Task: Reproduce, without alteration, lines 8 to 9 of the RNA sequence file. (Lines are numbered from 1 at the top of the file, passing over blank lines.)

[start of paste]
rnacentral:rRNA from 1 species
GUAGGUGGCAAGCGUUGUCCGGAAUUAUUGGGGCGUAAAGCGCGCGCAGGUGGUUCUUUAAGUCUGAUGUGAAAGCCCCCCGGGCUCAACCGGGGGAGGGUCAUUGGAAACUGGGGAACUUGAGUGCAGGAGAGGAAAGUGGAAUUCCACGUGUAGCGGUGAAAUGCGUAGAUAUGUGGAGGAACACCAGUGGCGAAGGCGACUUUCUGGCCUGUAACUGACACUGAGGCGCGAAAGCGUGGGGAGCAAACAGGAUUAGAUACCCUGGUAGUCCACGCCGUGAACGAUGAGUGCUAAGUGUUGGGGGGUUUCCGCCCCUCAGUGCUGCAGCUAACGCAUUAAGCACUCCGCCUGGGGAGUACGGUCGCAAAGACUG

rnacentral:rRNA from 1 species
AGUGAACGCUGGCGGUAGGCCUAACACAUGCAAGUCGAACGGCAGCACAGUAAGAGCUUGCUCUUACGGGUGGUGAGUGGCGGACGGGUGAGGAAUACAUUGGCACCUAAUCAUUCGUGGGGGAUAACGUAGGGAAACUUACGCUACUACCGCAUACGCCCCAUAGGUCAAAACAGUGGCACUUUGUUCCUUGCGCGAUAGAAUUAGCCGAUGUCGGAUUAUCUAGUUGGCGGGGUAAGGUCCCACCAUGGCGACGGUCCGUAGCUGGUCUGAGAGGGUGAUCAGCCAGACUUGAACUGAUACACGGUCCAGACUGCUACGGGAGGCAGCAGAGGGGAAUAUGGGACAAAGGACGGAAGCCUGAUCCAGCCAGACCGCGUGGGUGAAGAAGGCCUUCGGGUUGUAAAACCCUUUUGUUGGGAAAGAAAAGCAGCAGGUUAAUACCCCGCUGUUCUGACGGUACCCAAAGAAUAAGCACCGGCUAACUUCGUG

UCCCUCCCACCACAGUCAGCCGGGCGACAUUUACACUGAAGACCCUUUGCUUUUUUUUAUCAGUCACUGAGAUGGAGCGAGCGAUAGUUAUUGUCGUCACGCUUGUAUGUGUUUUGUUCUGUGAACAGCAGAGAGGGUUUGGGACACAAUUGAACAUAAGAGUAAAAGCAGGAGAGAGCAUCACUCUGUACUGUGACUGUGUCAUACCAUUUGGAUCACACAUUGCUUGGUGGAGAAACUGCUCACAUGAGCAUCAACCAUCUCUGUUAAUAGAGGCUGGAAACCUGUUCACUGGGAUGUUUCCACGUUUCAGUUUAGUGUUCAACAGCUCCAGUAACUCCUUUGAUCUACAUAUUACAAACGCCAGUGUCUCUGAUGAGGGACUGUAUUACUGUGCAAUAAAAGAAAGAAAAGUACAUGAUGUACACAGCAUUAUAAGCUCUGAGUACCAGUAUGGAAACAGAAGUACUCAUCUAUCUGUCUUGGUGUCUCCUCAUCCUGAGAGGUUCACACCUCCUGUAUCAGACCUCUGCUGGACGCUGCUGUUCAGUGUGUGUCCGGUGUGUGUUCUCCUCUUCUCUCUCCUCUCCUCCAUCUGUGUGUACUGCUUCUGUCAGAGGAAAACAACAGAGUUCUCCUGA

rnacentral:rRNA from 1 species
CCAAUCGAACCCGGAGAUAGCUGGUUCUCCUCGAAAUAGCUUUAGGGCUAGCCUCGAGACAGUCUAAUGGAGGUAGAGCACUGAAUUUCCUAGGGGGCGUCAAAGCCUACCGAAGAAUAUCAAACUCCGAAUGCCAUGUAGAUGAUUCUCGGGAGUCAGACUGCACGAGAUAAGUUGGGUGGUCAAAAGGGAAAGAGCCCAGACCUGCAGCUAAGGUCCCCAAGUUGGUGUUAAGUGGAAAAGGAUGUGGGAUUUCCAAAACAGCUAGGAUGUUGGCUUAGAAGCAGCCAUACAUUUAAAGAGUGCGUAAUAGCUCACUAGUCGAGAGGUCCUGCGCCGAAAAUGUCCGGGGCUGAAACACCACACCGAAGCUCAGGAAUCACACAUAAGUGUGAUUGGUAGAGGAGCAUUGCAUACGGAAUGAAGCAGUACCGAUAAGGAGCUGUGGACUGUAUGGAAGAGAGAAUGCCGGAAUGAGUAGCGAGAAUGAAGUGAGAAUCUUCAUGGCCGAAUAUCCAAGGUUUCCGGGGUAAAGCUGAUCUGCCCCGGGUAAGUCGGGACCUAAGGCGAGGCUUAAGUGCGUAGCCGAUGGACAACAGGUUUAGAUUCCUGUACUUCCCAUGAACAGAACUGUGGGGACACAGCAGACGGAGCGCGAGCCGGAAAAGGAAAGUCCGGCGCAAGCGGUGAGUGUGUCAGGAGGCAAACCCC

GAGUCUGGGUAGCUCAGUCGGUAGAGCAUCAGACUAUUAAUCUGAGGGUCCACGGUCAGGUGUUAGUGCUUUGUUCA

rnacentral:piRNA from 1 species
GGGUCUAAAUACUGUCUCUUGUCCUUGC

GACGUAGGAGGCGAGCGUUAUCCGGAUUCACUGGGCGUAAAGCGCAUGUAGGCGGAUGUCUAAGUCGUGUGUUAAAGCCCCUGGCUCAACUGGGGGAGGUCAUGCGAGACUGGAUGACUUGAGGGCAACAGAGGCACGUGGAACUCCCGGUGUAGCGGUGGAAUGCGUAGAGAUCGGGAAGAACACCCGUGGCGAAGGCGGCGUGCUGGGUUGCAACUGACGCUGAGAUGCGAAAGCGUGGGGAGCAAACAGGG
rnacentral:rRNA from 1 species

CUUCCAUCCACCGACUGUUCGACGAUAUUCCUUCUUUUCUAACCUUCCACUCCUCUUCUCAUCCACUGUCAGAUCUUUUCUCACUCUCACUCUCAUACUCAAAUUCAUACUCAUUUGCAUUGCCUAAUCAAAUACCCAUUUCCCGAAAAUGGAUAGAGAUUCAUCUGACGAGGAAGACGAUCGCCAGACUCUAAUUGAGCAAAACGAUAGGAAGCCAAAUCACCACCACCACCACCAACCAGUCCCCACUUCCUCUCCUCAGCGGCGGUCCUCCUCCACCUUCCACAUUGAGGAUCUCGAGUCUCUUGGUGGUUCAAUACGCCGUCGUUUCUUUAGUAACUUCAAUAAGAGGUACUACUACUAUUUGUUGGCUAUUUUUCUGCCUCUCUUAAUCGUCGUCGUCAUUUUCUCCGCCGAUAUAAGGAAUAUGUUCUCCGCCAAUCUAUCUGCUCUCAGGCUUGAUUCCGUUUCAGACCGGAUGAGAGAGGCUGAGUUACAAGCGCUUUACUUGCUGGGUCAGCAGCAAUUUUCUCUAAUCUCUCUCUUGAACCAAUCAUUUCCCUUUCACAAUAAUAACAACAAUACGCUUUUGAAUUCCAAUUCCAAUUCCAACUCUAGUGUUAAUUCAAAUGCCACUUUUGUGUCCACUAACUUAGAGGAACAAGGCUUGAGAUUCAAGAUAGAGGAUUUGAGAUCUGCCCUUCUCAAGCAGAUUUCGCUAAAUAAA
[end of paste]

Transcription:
GAGUCUGGGUAGCUCAGUCGGUAGAGCAUCAGACUAUUAAUCUGAGGGUCCACGGUCAGGUGUUAGUGCUUUGUUCA

rnacentral:piRNA from 1 species